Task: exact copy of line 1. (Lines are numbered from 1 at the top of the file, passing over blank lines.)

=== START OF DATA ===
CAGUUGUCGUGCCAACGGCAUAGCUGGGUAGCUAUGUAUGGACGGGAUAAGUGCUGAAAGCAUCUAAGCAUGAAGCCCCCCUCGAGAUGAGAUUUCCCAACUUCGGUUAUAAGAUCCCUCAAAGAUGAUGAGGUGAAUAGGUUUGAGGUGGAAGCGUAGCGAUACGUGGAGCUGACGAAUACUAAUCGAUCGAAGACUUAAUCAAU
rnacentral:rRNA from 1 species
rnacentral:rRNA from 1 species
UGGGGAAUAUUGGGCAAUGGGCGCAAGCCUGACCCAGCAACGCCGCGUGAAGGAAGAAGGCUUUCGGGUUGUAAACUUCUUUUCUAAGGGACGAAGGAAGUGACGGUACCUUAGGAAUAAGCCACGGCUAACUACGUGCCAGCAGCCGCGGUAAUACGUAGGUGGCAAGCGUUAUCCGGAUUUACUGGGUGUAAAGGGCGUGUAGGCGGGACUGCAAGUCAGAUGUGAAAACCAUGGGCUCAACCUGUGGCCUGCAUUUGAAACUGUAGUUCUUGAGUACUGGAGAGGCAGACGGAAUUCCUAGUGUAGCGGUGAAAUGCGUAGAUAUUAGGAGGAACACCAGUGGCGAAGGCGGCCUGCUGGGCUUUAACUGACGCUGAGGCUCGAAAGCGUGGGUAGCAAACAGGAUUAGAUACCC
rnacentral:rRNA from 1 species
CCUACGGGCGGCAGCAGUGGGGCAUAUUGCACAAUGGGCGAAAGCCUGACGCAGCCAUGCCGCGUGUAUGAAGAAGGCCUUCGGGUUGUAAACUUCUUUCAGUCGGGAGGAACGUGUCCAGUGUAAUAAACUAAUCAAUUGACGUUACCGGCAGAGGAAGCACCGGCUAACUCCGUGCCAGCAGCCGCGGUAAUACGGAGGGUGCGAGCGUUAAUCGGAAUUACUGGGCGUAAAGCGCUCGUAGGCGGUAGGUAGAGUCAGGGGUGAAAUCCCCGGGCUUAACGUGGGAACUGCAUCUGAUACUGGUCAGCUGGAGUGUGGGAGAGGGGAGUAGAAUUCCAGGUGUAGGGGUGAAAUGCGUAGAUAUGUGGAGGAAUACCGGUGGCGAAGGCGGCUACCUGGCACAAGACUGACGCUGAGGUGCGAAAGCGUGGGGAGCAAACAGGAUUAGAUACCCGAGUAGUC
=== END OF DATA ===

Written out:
CAGUUGUCGUGCCAACGGCAUAGCUGGGUAGCUAUGUAUGGACGGGAUAAGUGCUGAAAGCAUCUAAGCAUGAAGCCCCCCUCGAGAUGAGAUUUCCCAACUUCGGUUAUAAGAUCCCUCAAAGAUGAUGAGGUGAAUAGGUUUGAGGUGGAAGCGUAGCGAUACGUGGAGCUGACGAAUACUAAUCGAUCGAAGACUUAAUCAAU